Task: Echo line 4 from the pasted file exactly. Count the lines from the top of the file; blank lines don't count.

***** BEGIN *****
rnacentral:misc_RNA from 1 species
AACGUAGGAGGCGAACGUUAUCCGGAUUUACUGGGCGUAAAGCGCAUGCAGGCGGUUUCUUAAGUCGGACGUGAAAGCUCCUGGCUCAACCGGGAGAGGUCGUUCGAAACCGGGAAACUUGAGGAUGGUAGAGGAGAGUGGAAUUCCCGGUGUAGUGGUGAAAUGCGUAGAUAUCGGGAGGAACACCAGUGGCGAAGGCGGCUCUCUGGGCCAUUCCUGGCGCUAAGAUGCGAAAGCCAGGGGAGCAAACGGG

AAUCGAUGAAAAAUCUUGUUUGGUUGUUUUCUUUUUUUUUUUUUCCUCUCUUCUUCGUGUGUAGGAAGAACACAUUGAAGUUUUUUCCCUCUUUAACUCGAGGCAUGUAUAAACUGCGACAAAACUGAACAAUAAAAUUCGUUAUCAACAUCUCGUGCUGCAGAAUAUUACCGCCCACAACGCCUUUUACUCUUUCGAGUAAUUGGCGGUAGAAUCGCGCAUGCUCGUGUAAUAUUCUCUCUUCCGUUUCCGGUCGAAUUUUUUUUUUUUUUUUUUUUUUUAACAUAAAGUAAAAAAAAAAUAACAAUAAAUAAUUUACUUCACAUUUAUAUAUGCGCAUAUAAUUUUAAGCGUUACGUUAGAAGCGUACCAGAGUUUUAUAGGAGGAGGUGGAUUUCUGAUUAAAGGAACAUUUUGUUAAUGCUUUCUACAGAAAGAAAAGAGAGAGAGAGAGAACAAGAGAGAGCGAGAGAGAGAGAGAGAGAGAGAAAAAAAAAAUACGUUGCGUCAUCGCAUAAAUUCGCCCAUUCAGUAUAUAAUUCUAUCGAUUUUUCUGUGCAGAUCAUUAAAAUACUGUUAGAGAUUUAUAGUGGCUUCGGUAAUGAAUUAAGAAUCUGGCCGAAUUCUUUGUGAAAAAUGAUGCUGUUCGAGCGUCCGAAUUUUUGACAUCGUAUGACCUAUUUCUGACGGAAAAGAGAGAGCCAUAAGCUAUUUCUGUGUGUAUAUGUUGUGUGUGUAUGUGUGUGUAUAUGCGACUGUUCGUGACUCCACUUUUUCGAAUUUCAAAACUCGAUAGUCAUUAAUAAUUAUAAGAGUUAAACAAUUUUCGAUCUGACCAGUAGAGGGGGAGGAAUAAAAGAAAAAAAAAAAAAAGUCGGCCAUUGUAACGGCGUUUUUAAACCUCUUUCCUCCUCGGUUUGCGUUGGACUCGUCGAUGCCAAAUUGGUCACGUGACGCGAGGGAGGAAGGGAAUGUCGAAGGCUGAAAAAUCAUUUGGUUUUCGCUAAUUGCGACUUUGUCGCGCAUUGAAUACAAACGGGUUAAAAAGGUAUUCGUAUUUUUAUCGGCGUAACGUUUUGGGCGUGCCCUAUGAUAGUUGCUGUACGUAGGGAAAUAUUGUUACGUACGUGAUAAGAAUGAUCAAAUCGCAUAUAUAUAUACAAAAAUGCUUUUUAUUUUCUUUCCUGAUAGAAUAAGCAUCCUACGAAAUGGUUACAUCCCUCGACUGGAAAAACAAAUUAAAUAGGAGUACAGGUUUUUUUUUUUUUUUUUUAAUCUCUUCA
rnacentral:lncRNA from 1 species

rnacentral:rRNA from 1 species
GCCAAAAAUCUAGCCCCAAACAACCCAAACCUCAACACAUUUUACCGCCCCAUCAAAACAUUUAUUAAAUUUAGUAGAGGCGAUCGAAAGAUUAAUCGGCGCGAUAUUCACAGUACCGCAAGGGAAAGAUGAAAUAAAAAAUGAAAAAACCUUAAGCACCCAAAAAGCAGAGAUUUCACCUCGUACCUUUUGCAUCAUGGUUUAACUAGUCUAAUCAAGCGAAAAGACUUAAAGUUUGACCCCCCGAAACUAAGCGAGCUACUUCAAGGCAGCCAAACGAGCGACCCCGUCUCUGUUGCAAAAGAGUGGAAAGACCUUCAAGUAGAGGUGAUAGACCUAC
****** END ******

rnacentral:lncRNA from 1 species